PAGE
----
KSC meeting portrays SLS as scrambling for a manifest plan, NASASpaceFlight
"An "All-Hands" style meeting was held in the Vehicle Assembly Building (VAB) at the Kennedy Space Center (KSC) on Monday, overviewing the spaceport's current and future initiatives.
Payload concerns, high costs, and competition cloud future of NASA rocket, Ars Technica
"During the all-hands meeting, according to the report, Lightfoot told employees the space agency is considering moving humans off of EM-2 and onto EM-3. The reason he cited is NASA's desire to use a more powerful upper stage on EM-2. For the EM-1 first test flight, NASA is using an "interim" upper stage, but, to use the interim stage for a crewed flight, NASA would have to spend $150 million or more to ensure it is reliable enough for humans. Because NASA may not want to fly crew members on the initial flight of its untested upper stage, EM-2 may have to be re-designated as a non-crewed mission as well. During the Florida meeting Lightfoot expressed his preference for launching a Europa spacecraft. This robotic mission has widespread support in Congress, but, as Ars has exclusively reported, it will not be ready to fly until the end of November, 2023, at the earliest. If that is the case, EM-3, the first mission to carry astronauts into space, would not occur until 2024 or 2025, long after initially promised."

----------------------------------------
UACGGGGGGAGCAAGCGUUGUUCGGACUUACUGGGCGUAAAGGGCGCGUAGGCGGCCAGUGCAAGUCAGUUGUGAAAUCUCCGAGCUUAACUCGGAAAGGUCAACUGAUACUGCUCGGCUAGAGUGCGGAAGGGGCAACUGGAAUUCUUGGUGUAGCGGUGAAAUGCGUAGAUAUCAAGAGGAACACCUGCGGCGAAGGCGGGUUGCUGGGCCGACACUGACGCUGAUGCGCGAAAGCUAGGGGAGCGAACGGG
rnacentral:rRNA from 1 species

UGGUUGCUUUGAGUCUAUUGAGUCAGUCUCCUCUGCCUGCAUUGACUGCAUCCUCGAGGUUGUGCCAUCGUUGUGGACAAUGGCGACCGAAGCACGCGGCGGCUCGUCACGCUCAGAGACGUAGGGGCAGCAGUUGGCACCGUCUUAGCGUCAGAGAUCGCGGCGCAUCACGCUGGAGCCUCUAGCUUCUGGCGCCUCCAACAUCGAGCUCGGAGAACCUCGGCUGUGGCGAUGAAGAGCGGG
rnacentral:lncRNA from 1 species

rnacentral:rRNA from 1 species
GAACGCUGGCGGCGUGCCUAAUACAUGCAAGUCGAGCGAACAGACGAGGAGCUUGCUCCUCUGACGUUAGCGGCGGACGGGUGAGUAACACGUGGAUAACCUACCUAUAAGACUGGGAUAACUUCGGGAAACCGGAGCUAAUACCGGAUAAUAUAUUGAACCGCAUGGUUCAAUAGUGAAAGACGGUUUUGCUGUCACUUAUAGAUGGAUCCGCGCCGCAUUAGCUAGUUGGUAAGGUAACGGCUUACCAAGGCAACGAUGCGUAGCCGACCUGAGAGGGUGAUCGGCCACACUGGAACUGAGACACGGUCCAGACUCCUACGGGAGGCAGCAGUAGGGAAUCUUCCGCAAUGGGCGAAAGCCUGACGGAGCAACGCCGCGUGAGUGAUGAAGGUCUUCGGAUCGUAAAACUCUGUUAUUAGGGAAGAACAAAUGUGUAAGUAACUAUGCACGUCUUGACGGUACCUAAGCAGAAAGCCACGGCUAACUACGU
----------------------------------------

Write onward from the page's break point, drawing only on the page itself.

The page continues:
Aerospace Safety Advisory Panel Annual Report 2015, ASAP
"With its external stakeholders, primarily Congress, NASA executive management has committed to a 2023 EM-2 launch with a 70 percent schedule confidence level. However, NASA's internal direction to the programs is to work to a 2021 EM-2 launch date, which has a schedule confidence level close to zero at requested funding levels. ... Externally committing to a 2023 launch for EM-2 while making decisions based on a 2021 launch date is a risky situation, because safety could be unnecessarily compromised unless guiding safety principles are established and maintained."
Keith's note: So ... NASA originally said that it needs SLS for the whole #JourneyToMars thing - just like Ares V. Then reality sets in (as it always does) and NASA's response is to keep two sets of books - the internal set says that it will launch humans on SLS in 2021 while the public one aims for 2023. Now there's a third set of books is being kept wherein a 2024-2025 launch date is being worked. But wait there's more. Because HEOMD can't get its own payloads ready to fly on the rocket that was designed to carry them, there's a desperate rush to find something - anything - to fly on SLS. Right on cue Congress votes to require NASA to fly a Europa lander and to do so on SLS. Again, just like NASA started to do with Ares V when problems arose. Soon enough you'll start to see a stealthy encroachment on SMD's budget to help pay for SLS costs under the whole Europa thing. No doubt Congress will make yet another run at Commercial Crew and Cargo as well to free up some cash for SLS.
- GAO Finds NASA SLS Costs Not Credible, earlier post
- NASA Employs Faith-Based Funding Approach For SLS, earlier post
- NASA Delays First Crewed Orion Flight By Two Years, earlier post
- NASA Can't Decide What SLS Engines It Does/Does Not Need, earlier post